Control of soil borne potato pathogens using Brassica spp. mediated biofumigation

Taylor, Fiona Isabelle (2013) Control of soil borne potato pathogens using Brassica spp. mediated biofumigation. PhD thesis, University of Glasgow.

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Biofumigation is being increasing used as alternative control method for soil borne pathogens. This method exploits toxic compounds, specifically isothiocyanates (ITCs), which are released during the breakdown of Brassica plant tissues. To date field and glasshouse experimentation assessing the potential for using biofumigation to control agricultural pests and pathogens have produced promising results. Yet large gaps still remain in the specifics of the biofumigation process. It is hoped that further research to analyse how specific toxic compounds produced during Brassica tissue breakdown, specifically ITCs, affect different pathogens. Additionally analysis of the specific isothiocyanates and concentrations produced by Brassica spp. will allow a more pathogen targeted approach to biofumigation to be generated. The importance of assessing the biofumigation process on different scales is also understood, and therefore this study has encompassed work carried out in vitro and using glasshouse experimentation to establish a comprehensive overview of the biofumigation process. Assessing the effects different agricultural treatments have on soil microbial communities has also been recognised and therefore was also be investigated in this study.

This study aimed to determine the effects isothiocyanates, produced by Brassica spp., have on three economically important soil borne fungal pathogens, Colletotrichum coccodes, Rhizoctonia solani and Helminthosporium solani. Initial assessment was carried out using in vitro bioassays, allowing assessment of the overall toxicity of each ITC. Results identified that the pathogen response was dependent on both the structure of the ITC and the concentration of ITC present. The most significant pathogen suppression was observed with R. solani when exposed with benzyl or methyl ITC and H. solani when exposed to 2-phenylethyl ITC.
To gain understanding of the naturally produced ITCs Gas-Chromatography Mass-Spectrometry analysis was used to analyse specific isothiocyanates produced by a range of different Brassica spp., at different development stages. Results identified Allyl, Benzyl and 2-Phenylthyl ITC as the most commonly produced by the Brassica cultivars used within this study. Overall the Allyl was found within the highest concentrations; however the specific ITCs and concentrations produced were dependent on both the development time and cultivar.

Glasshouse experimentation was also carried out to assess both the effects of pure ITCs on R. solani and C. coccodes fungal inoculum within compost and diversity changes within the soil microbial community, in response to isothiocyanate incorporation and the biofumigation process. In order to examine changes in microbial communities‟ analysis was carried out using Terminal Restriction Fragment Length Polymorphism, a DNA fingerprinting method which allows bacterial diversity shift to be traced and statistically analysed. Overall incoproation of pure ITCs did not significantly reduce black scurf or black dot disease symptoms on daughter potato tubers. Additionally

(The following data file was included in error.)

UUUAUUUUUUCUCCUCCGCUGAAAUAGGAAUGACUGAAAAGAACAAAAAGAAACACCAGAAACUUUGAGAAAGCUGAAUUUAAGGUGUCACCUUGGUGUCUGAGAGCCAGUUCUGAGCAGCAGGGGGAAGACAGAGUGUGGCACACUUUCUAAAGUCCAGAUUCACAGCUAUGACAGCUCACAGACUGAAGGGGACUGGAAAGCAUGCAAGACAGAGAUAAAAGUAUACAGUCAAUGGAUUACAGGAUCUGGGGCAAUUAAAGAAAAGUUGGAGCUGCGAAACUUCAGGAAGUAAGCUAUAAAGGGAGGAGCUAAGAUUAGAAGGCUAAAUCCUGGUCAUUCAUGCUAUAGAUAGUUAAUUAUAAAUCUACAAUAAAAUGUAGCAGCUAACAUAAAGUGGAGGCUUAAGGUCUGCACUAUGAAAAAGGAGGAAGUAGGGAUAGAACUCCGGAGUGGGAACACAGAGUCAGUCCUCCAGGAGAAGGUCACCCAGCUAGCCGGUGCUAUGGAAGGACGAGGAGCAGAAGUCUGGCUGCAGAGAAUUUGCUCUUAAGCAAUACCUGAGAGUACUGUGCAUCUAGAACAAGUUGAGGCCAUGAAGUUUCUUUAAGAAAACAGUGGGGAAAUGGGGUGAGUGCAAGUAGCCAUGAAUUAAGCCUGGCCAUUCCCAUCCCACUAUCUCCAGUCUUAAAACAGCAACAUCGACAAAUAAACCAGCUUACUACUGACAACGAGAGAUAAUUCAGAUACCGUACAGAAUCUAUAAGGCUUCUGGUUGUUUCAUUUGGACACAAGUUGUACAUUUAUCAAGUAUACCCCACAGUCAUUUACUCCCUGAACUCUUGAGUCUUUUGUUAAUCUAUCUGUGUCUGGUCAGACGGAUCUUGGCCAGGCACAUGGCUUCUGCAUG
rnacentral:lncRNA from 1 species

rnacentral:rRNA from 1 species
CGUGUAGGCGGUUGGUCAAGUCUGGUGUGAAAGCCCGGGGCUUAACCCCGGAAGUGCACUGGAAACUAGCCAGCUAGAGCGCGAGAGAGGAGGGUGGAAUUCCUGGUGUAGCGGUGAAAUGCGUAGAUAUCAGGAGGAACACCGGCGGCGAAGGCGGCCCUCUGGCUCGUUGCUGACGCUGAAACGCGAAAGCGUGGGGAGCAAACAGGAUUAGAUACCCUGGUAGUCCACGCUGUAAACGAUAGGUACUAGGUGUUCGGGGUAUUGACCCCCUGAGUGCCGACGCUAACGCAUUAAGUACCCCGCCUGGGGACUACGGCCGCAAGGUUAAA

after 30 days soil microbial community diversity was not greatly altered by the addition of ITCs. Therefore as it is often suggested that biofumigation is influenced by the soil activity it is thought that this may be due to the addition of Brassica tissue. The increase of organic matter into agricultural soils may influence both biological and chemical processes which may in turn aid pathogen suppression.

Overall this study provides a detailed insight into establishing the specific interactions that occur during biofumigation. Results produced findings of ITCs which significantly suppressed the growth of fungal potato pathogens. Development of a novel GC-MS assay revealed previously unknown data of levels and profiles produced by a number of different Brassica plants. Additionally study was also carried out to evaluate the effects of biofumigation of soil microbial communities, which is often ignored within other studies. Overall this study aimed to gain an increased level of knowledge of such processes in order for the methods and the results presented, to be used to establish effective, pathogen targeted biofumigation systems.

Item Type: Thesis (PhD)
Qualification Level: Doctoral
Keywords: biofumigation, potato pathogens, potatoes, brassicas, isothiocyanates, integrated pest management, Rhizoctonia solani, Colletotrichum coccodes, Helminthosporoium solani, black dot, black scurf, silver scurf, alternative control, soil borne pathogens, soil microbiology
Subjects: Q Science > QH Natural history > QH301 Biology
Q Science > QR Microbiology
S Agriculture > S Agriculture (General)
Colleges/Schools: College of Medical Veterinary and Life Sciences > Institute of Molecular Cell and Systems Biology > Molecular Cell and Systems Biology
Supervisor's Name: Rosser, Prof. Susan and Kenyon, Dr. David
Date of Award: 2013
Depositing User: Miss Fiona Taylor
Unique ID: glathesis:2013-4854
Copyright: Copyright of this thesis is held by the author.
Date Deposited: 30 Jan 2014 11:24
Last Modified: 31 Jan 2014 09:08

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